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Monday, June 10, 2024

Oakland A’s big move to Sacramento

The Oakland Athletics to play in Sacramento through 2027 before their Las Vegas relocation

 

By CAROLYN (CARI) FENN — sports@theaggie.org

 

Despite Oakland fans’ efforts to keep the Athletics (A’s) at the Oakland Coliseum, on Nov. 16, 2023, Major League Baseball (MLB) owners unanimously approved the team’s move to Las Vegas, Nevada starting in the 2028 season. 

After this heartbreaking decision was announced, Oakland fans had no choice but to accept that they would lose the major league franchise come 2028. The heartbreak was further complicated when, on April 4, 2024, the Oakland A’s had yet another announcement where they declared that they would be leaving Oakland and heading to Sacramento for the 2025 to 2027 seasons before their big move to Las Vegas. With both decisions, 2024 marks the team’s last season in Oakland.

While the A’s lease with the city of Oakland expires at the end of the 2024 season, they were reportedly attempting to negotiate a short-term lease with the city to allow the team to play at the Oakland Coliseum for the remaining time before the move. However, after negotiations reportedly collapsed with Oakland, the A’s began looking at California’s capital for their temporary home.

The A’s will play at the San Francisco Giants AAA affiliate, the Sacramento River Cats’, home stadium — Sutter Health Park. During the A’s time in Sacramento, they have chosen not to change their name to reflect the new city, instead opting to just go by their nickname. For their time in Sacramento, they will also be sharing the stadium with the River Cats, meaning that during the three seasons the A’s are in Sacramento, the stadium will host a total of 156 games a season — 81 A’s games and 75 River Cat games.

Along with the move will come a downgrade in the seats available for fans within the stadium. The Oakland Coliseum contains 63,000 seats for fans while Sutter Health Park contains only around 14,014 seats, including the outfield lawn open seating. Although the team is having a downgrade in seating capacity, in Oakland, the A’s only averaged 6,243 attendees in their first 13 home games of the season. This year, Oakland has had the lowest number of attendees out of any MLB team with 81,167 people.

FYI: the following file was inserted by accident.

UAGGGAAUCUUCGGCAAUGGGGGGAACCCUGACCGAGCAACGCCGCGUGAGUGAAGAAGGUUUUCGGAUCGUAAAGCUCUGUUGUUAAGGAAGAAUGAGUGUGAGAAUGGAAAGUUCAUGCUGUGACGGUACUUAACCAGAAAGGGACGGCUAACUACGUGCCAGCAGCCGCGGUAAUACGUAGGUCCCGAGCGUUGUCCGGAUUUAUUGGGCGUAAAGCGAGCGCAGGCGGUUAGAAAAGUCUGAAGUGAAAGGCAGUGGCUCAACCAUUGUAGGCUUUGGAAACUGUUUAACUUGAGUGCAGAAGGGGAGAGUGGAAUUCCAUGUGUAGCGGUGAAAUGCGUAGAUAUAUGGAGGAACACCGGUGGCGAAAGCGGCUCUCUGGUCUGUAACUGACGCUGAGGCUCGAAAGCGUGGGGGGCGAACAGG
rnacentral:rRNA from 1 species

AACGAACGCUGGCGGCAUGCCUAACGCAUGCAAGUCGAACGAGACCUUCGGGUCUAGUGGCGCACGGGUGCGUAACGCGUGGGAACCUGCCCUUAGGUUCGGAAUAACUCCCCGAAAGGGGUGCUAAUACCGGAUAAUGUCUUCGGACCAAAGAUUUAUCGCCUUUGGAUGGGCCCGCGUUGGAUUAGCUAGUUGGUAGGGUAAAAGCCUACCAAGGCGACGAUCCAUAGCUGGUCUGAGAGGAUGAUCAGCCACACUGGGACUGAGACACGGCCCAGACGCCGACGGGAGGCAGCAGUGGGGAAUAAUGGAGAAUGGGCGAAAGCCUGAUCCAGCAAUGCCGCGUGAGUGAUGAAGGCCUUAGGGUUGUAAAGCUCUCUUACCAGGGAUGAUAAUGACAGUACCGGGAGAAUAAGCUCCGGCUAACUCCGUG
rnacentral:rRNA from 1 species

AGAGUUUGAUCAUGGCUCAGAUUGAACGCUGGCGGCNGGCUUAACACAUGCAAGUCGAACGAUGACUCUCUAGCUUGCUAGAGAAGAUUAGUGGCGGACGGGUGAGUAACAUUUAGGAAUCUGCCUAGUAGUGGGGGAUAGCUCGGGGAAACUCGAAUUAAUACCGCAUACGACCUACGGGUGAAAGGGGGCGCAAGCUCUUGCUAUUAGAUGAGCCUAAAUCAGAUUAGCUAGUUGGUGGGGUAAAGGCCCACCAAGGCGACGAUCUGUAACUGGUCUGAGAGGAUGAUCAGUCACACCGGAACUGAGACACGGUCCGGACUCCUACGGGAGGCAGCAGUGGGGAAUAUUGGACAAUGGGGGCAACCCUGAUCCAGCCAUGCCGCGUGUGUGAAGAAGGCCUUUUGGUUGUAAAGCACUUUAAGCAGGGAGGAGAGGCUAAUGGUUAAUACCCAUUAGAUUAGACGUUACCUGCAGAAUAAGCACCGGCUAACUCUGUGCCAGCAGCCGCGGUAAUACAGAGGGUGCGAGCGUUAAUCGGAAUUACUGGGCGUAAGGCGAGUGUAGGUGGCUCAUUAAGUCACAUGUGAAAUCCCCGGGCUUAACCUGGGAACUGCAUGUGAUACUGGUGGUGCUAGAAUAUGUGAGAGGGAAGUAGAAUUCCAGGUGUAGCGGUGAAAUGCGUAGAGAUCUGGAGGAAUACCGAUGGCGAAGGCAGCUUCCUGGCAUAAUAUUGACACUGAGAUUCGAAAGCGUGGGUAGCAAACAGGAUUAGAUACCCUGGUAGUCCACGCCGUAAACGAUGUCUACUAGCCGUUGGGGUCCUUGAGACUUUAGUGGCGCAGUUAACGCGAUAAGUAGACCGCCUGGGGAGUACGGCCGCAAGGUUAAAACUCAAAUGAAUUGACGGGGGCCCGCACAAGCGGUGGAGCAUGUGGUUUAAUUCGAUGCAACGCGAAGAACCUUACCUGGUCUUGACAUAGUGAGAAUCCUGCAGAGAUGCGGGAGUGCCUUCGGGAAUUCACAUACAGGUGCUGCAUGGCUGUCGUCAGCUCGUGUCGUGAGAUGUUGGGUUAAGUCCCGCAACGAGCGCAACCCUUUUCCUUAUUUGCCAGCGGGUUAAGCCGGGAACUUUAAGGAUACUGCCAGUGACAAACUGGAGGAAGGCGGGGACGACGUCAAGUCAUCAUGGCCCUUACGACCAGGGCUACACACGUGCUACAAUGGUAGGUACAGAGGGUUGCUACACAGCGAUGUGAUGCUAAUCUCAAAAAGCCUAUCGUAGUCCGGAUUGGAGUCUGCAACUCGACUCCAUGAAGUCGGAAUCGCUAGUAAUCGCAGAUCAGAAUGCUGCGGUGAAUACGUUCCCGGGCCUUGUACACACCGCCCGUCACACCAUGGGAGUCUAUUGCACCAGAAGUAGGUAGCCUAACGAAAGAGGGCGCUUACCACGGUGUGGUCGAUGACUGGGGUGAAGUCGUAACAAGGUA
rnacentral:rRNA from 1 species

While attendance has never been high for the Oakland-based MLB team, the fan’s turbulent relationship with franchise owner John Fisher hasn’t helped the cause. Many Oakland A’s fans have shown disdain for the team’s owner as he refuses to invest in building a competitive team, having the lowest payroll in baseball at a total of $47,275,000. Oakland’s payroll is nearly $30 million below the next lowest team, the Pittsburgh Pirates, with a payroll of $72,014,000. 

After years of poor records, low attendance and an unstable relationship between fans and the franchise owner, the A’s move to Sacramento will mark the end of their 57-year run in the East Bay. The A’s official exit from Oakland at the end of the season will also mark the third and final professional sports team to leave the city in the past six years, with the Golden State Warriors having left in 2019 and the now Las Vegas Raiders having left in 2020.

Despite the move marking the end of an era for Oakland, it is just the beginning for the city of Sacramento. For Sacramento, the next three years will be a tryout to the MLB, proving that the city can be the home to an MLB team if an opportunity arises. More specifically, Sacramento hopes that if the A’s deal with Las Vegas falls through, they could become the final landing spot of the team. With Las Vegas yet to break ground on the new stadium and debates being heard from groups against the stadium’s construction, it could very well be a plausible occurrence.

Even though the A’s will soon be heading to Sacramento, a piece of the team will always belong to the city of Oakland. From four World Series titles to the infamous Moneyball era under General Manager Billy Beane, Oakland A fans will always be able to remember the good times they had with the team.

Written by: Carolyn (Cari) Fenn — sports@theaggie.org

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